My first batch.

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Jennfromoz

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So this is my first batch ever. I guess it's not too bad for a beginner. As I said in a previous thread, the soap mixture jellied too quickly after I added the lye water. I think it was a combination of adding the lye too quickly when it was still too hot and pulsing with the stick blender too much.
Firstly I added the fragrance then separated 3 cups and coloured them while they were thickening. I really wanted to make those pretty swirls. I put the soap in the mould and plopped the coloured soap on top and swirled. I could have swirled more, but I was afraid of the colours mixing together.
Next time I'll make alot less, maybe 500g, and I will use palm oil instead of Lard. I just have to find somewhere that sells it in Australia. I will definitely have to get a thermometer. I could have sworn I had a candy thermometer, but couldn't find it anywhere.
The one thing I would like to know is, how do I slow down the jelling so that I have plenty of time to work with the designs? I am a very creative person and really want to make pretty soap. I saw one person on YouTube put the lye into iced water. Would that help?
I also just want to thank everyone for all the valuable advice you've been giving me. I feel like I have a little online community.
 

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Zing

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I totally get wanting to get to the swirling action! But I'll also put a plug in for your first few batches to focus on the process. There's a lot to remember plus learning how the batter "feels" as it gets to various stages of trace. An 'in the pot' swirl is an easy one. Good luck!
 

AliOop

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I notice that you added your fragrance right after mixing the oils and lye solution. Because many fragrance oils and EOs will accelerate your batter, the FO or EO is not added until after the batch has been split and colored. The only time to add fragrance up front is if your fragrance is known to decelerate (uncommon, but there are a few).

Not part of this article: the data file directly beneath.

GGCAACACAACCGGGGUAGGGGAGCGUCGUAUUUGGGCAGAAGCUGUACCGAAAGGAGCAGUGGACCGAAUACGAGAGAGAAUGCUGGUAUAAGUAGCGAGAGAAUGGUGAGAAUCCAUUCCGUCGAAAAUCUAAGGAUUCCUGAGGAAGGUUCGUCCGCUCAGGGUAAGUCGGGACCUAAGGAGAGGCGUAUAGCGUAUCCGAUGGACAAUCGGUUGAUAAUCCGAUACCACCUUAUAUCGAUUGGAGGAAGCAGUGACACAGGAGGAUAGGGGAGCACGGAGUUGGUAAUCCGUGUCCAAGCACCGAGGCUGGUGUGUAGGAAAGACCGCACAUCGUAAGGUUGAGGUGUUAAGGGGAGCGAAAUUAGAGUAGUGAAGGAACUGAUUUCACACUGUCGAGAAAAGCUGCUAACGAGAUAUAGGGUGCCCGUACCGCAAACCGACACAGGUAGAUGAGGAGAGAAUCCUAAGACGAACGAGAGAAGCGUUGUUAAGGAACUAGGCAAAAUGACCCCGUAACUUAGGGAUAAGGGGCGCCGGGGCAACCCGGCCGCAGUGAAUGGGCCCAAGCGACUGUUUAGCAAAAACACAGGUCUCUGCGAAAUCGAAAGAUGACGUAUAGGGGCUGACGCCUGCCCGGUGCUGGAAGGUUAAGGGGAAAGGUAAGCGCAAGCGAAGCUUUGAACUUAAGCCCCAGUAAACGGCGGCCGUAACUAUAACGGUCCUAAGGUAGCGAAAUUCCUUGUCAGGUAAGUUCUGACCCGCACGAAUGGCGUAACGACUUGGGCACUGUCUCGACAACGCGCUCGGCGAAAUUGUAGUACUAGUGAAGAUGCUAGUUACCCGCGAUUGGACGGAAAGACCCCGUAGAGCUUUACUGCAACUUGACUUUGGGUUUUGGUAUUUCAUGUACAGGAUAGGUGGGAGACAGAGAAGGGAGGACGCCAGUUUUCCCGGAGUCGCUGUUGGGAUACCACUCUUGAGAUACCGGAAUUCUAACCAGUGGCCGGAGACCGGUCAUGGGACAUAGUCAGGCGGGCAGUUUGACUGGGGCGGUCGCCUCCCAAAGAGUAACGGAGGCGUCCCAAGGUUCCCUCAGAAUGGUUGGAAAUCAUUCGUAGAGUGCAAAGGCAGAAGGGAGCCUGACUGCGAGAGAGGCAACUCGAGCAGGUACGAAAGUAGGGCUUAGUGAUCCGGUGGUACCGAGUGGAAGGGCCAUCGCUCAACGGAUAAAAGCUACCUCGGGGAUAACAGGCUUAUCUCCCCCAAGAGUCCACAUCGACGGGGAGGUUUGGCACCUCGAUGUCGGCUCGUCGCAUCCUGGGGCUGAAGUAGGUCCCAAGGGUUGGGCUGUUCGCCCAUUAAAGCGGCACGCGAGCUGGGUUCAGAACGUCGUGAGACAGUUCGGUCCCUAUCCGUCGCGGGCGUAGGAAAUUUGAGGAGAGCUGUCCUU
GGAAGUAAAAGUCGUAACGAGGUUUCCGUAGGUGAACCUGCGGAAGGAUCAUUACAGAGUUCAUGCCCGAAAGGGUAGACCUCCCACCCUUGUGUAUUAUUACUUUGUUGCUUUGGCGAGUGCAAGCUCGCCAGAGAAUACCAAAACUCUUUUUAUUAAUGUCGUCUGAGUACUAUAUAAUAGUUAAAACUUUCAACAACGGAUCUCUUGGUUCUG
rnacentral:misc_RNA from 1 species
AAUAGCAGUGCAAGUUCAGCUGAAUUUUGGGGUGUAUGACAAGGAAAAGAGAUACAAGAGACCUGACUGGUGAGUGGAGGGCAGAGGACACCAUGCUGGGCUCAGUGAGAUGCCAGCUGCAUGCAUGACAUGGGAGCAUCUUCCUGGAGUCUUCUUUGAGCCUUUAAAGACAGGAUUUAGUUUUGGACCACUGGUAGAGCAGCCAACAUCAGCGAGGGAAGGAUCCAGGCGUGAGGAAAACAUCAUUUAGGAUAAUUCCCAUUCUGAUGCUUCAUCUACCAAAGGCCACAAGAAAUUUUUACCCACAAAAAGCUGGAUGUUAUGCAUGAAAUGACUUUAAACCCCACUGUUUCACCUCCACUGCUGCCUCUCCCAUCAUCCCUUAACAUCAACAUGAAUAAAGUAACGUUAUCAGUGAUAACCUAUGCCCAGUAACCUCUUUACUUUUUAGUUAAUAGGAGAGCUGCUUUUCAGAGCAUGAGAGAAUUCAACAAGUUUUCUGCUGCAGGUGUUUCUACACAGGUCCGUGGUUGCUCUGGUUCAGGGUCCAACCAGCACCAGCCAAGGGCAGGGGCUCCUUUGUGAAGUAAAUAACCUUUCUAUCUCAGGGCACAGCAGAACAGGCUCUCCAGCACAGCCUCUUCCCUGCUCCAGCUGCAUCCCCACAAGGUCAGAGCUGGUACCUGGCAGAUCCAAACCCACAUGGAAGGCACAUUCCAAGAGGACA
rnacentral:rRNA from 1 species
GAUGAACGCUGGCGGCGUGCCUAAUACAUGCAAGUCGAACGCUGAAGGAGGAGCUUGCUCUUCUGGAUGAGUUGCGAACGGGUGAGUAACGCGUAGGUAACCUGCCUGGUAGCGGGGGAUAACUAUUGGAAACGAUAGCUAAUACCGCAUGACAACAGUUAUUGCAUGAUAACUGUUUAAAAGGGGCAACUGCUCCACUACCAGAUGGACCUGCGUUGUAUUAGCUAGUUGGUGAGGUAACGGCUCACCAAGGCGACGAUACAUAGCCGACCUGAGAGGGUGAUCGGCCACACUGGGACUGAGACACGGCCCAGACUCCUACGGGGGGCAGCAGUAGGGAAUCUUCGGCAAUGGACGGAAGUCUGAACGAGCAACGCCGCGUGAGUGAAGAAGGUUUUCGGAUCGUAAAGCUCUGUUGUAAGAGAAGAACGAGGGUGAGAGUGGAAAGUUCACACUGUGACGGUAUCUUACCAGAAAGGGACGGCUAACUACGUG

To summarize what everyone has said so far, you have three things to adjust for the next batch:

1. Soap cooler - oils and lye solution
2. Stick blend way less - a few pulses here and there will typically be enough; hand-stir the rest of the way if needed.
3. Add your fragrance last, right before you are ready to pour.

And I'll add a possible fourth adjustment: make sure your colors and fragrances are intended for CP soap; if they don't specifically say they are, they probably arent, and can cause lots of problems (esp stuff from craft stores like Michael's or Hobby Lobby). Read all the reviews to see if they cause acceleration, morphing, overheating, etc.
 

MellonFriend

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I hear you about wanting to be creative while still learning the basics. What I did for my first batch was refrained from scent and then did just a colored top with some botanicals. This way I needed to color only a small amount of batter, but I still ended up with a really pretty bar. Here's what I mean, if you are interested. MellonFriend's First Soap

I just want to say, don't give up! When it boils right down to it, you still successfully made soap, so congratulations!
 

Tara_H

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I think a lot of us can empathize with wanting to be creative right away! It's only natural to try everything at one, but maybe it will help to realise that you will get to be creative faster once you have a solid grounding. If you try too many things at once it can be hard to know what caused which outcome.
I know you said you don't believe it was the fragrance that caused the issue, and that makes sense for this batch where you say it had seized even before you added it. But I'm concerned you're setting yourself up for future frustration by using fragrances not formulated for soap. If you're determined to try them, I'd suggest splitting off a small amount of your next batch and adding some to see how it behaves. Have a look at some of the posts here on FO testing to see that even soap-specific fragrances can do very unexpected things!

(Here's one of my own posts which illustrates the point: What soapy thing have you done today? )
 
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